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The Colors of Passion: Fernando Gerassi's Centennial

Celebrating the birth centennial of influential Spanish painter Fernando Gerassi--friend to Picasso, Calder, Sartre and other intellectuals.

This exhibit is for us much more than a simple virtual show. It is also a call to pay homage to a great artist as well as an extraordinary man. After intensive research in France, Spain, the US and Japan - research which still needs much more legwork - we were compelled to present to you our dicoveries in the hopes that this would lead to recognition of a great artist. Below you will find extracts from the web page as well as amazing testimonies from Gerassiâs friends such as Calder, Miro, Simone de Beauvoir, Meyer Shapiro.....

Fernando Gerassi was born in 1899 in Istanbul, Turkey...

His work and his life are inseparable: one explains the other. For, as one contemplates his canvasses, his paintings of astonishing colors, one cannot avoid being struck by the great hopes, almost exaltations, the violent passions, the loves and friendships of a whole life, but also the confrontations, the betrayals, the pulverized ideals... A film unwinding rapidly of Paris in the Thirties, of Barcelona in flames, of the mountains of Vermont at peace.

Fernando Gerassi's work is complex, dramatic, upsetting, uplifting. It follows closely his extraordinary history, as much his political commitment and his ideological trajectory. Between his first oils, in l927, and his death in l974, Gerassi travels the gamut of modern art. Yet, throughout, characteristic constants are clear: an inborn sense of color, which sometimes combine into a violent fugue.

Though unknown to the general public, Fernando Gerassi traversed his century in the company of those who thought, wrote and created in the last 50 years, folks as varied as Sartre, Calder, Picasso, Malraux, Meyer Shapiro, Miro, or Soviet Marshal Jukov.... Born in Istanbul in 1899, he was intimately linked to the major events of the 20th century, often thrown--or throwing himself--into the thick of such upheavals as the creation and collapse of the Weimar Republic, the pre-war revolutions of modern art of Montparnasse, idealistic Popular Frontism of Europe, anti-fascism of Madrid and Barcelona, of spying and counterspying of Washington and New York... A passionate, dramatic, agitated life ending in the tranquillity of Vermont's rolling hills "which look so much like the Basque country..."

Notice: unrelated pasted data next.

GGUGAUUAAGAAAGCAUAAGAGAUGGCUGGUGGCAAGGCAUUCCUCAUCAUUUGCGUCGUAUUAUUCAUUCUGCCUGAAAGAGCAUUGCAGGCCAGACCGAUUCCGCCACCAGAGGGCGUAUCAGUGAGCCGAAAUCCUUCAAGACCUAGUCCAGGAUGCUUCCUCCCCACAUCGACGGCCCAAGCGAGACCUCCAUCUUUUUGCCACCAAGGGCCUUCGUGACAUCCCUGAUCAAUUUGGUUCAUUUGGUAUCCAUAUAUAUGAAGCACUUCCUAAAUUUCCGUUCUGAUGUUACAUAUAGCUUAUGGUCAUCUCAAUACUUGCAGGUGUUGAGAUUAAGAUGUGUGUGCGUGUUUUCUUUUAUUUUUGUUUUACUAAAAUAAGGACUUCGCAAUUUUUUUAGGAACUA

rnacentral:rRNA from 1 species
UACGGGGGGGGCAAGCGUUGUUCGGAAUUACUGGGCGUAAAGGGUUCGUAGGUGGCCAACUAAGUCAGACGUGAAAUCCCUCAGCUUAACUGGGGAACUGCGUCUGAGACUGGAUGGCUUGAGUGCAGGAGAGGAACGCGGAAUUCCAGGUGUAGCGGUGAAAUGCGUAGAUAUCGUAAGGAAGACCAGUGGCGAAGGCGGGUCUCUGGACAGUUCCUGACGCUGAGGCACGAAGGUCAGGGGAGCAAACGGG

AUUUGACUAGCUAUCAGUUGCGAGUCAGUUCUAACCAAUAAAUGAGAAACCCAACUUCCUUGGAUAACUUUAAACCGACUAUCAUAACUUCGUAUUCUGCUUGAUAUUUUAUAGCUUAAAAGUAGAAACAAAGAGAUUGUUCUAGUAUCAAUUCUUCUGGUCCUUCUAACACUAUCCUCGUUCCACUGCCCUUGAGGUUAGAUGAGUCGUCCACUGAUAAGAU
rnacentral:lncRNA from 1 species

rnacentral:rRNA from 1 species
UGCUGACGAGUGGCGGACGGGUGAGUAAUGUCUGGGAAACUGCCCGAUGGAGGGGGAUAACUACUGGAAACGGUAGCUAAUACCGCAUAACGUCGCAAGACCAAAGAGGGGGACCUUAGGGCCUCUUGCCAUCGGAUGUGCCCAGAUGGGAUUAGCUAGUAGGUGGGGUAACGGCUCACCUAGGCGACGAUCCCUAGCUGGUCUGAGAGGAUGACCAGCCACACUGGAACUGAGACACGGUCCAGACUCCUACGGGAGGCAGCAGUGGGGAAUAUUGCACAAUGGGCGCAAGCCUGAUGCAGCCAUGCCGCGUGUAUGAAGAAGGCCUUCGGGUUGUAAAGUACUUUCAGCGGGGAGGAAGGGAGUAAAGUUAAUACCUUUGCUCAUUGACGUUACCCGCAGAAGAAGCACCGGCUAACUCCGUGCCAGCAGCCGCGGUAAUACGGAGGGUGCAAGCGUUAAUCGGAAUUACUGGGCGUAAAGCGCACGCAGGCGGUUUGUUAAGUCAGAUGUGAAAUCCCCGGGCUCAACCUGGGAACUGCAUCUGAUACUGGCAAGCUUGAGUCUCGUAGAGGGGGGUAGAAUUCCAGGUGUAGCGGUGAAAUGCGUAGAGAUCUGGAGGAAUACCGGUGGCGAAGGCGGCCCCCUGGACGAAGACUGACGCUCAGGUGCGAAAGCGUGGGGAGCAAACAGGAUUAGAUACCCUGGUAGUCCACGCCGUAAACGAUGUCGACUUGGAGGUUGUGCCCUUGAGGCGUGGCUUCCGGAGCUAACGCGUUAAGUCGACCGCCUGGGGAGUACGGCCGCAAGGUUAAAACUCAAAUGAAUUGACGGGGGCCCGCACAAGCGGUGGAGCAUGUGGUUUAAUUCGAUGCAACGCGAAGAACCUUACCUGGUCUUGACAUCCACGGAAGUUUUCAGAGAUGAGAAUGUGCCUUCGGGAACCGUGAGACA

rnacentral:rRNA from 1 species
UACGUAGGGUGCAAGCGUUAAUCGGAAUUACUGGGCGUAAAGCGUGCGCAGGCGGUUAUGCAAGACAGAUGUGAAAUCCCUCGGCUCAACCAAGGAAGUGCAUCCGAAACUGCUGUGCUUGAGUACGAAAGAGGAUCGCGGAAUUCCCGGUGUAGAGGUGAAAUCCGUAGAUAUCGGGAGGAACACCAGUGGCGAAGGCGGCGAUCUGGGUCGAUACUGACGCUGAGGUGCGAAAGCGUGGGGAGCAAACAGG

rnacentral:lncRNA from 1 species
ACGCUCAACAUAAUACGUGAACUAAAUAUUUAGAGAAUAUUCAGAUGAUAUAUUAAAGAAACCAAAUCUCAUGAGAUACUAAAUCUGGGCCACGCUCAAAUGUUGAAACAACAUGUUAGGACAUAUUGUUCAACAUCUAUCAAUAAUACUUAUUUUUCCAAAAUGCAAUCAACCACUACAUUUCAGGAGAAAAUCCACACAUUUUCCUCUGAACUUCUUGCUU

Quotes and Commentaries

"Spain's best painting is in Paris today, and it is in Paris that it can conceive itself, feel itself, affirm itself as Spanish painting, as art and act genuinely representing Spanish genius." - Jean Cassou, Catalogue of the exhibition at the College of Spain of the Cite Universitaire, Paris, l935.

"In June, StŽpha and Fernando descended on Paris, highly elated because, after a long period of agitation, upheaval, and repression, the Republic had finally been established in Spain." - Simone de Beauvoir, "The prime of life," World, Cleveland, 1962.

"A unique painter's temperament, a rare understanding of painting."(Gallery Billiet-Worms, Paris.)
- J. Laprade, "Beaux-Arts," Paris, March 1935.

"He affected me then more than any other man alive. He was an intellectual, like me. He was a painter, I was a writer. He had the same point of view, the same basic vision of life. To him, painting was more important than anything else. And then, just like that," he said clicking his fingers, "Fernando went off to the fight. This really upset me. We had both always wanted revolution, but then suddenly, here was an intellectual like me, saying in effect, intellectuals must do what they preach." - Jean-Paul Sartre, inteview with John 'Tito' Gerassi (Fernando's son), Paris, 1971.